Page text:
- The Washington Times - Wednesday, March 8, 2006

The trade group representing the nation’s largest commercial airlines yesterday argued that companies operating business jets should pay an additional $1 billion to fund the nation’s air transportation system.

James May, president and chief executive of the Air Transport Association, said the Federal Aviation Administration (FAA) should jettison fuel and ticket taxes in favor of fees based on the number of departures and length of flights.

That would dramatically increase the amount paid by noncommercial corporate jets, which the FAA predicts will fill the skies at an alarming rate as manufacturers produce smaller, cheaper planes.

“What we have today simply isn’t going to work in the future,” Mr. May said. “There is a very real need to make changes.”

Fees paid into the Aviation Trust Fund should more closely reflect how heavily carriers use the air transportation system, he said.

Companies flying business jets paid $422 million in taxes to the Aviation Trust Fund in fiscal 2004. That represented 4.4 percent of the $9.57 billion collected that year, but those planes accounted for 15 percent of flights.

Commercial carriers paid $8.98 billion in taxes that year. That represented 94 percent of fuel and ticket taxes collected, while commercial carriers accounted for 69 percent of flights.

If business jets funded 15 percent of the cost of the air traffic control system to match its use of the system in fiscal 2004, it would have forked over $1.43 billion.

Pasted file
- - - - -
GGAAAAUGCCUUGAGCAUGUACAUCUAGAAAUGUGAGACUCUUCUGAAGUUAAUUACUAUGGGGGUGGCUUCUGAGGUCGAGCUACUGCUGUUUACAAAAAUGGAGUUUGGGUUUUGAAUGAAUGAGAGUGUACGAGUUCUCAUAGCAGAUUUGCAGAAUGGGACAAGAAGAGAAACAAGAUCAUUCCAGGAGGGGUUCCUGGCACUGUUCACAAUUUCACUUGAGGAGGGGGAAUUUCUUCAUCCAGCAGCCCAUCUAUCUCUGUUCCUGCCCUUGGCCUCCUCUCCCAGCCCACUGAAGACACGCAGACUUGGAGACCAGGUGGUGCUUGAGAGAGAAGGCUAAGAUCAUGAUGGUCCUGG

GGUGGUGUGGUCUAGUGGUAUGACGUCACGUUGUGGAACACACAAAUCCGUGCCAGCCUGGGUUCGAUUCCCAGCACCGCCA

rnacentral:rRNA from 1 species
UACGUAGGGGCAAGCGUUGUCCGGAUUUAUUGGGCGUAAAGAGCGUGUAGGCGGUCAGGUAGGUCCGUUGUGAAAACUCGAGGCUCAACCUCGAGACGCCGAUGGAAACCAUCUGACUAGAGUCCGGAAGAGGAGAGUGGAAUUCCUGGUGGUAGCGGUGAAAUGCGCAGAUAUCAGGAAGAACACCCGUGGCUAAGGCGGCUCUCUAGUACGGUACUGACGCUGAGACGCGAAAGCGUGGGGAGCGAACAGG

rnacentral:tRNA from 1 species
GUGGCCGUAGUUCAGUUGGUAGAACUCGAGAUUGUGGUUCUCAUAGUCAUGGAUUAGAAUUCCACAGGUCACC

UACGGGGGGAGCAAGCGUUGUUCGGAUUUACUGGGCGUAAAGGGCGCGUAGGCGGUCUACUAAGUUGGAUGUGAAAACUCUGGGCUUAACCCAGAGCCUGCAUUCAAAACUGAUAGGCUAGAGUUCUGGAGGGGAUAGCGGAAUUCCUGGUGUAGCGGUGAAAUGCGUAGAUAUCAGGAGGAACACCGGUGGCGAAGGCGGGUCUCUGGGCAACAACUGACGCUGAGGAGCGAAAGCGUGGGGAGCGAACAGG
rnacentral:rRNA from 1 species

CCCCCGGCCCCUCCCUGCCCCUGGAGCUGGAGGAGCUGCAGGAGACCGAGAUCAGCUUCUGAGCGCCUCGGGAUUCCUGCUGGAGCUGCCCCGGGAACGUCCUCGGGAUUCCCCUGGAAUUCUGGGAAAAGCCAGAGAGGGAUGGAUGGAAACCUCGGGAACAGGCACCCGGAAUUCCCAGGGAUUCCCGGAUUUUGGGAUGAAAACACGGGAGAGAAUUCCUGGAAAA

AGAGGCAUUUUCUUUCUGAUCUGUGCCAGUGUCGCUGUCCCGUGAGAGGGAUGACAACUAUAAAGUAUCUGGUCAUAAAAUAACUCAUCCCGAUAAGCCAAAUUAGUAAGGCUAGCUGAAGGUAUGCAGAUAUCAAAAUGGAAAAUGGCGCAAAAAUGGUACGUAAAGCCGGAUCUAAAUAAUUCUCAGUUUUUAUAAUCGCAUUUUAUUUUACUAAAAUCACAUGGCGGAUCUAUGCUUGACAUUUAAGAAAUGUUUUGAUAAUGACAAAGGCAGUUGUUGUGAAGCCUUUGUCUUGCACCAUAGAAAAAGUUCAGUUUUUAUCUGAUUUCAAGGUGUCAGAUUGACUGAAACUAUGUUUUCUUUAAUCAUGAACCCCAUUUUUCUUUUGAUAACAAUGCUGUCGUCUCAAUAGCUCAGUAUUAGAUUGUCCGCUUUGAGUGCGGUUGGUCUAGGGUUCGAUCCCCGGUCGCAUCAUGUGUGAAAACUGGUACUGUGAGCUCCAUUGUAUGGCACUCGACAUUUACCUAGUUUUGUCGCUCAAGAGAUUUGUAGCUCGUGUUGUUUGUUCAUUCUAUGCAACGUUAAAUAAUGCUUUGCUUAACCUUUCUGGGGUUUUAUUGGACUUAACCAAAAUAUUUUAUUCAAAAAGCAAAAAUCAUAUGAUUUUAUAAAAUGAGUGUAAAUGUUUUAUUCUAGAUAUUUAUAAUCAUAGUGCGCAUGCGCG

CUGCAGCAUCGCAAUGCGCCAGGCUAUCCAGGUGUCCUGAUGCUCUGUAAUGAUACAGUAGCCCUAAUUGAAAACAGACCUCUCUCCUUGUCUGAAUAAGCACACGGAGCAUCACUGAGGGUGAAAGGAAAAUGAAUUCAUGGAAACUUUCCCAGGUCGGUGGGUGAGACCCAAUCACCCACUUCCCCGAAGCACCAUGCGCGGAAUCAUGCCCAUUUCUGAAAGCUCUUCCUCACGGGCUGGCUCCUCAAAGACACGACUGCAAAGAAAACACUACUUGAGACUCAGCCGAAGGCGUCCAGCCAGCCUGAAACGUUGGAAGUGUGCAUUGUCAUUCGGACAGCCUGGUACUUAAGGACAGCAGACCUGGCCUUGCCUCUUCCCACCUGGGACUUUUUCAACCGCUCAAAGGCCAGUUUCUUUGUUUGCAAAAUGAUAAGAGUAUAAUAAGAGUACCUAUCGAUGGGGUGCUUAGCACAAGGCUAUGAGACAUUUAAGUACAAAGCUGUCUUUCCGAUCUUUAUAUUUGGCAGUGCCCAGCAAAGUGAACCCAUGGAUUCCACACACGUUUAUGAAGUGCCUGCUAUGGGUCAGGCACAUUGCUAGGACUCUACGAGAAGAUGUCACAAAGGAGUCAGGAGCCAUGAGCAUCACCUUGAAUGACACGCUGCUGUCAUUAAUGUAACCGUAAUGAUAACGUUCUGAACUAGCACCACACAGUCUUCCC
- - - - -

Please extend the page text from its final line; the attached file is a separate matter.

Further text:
Commercial airlines initiated what is likely to be a lengthy and bitter debate over how to fund the FAA. The airlines pre-empted the Transportation Department, which expects to complete its own proposal to fund the FAA by the end of the month.

“We reject user fees,” said Ed Bolen, president of the National Business Aviation Association, which represents companies that fly their own aircraft. “The size and scope and complexity and cost of the air transportation system today is directly dictated by the commercial carriers.”

Mr. Bolen said business jets should continue to fund the air transportation system through fuel taxes because that fee closely approximates the demand those planes place on the system.

Peter Bunce, president of the General Aviation Manufacturers Association, said commercial airlines are engaged in an “unconscionable strategy” to shift the cost of operating the air transportation system onto others.

“I think the airlines are trying to shed legitimate costs that are theirs,” he said.

The Bush administration on Tuesday ruled out sweeping user fees on general aviation to help maintain the air traffic control system and help pay for new runways and other aviation programs.

The FAA relies on a 7.5 percent ticket tax and 4.3 percent fuel tax to fund the agency, but that formula expires next year. FAA Administrator Marion C. Blakey has said she wants to create a new formula for collecting money because the current method doesn’t provide a stable funding source.

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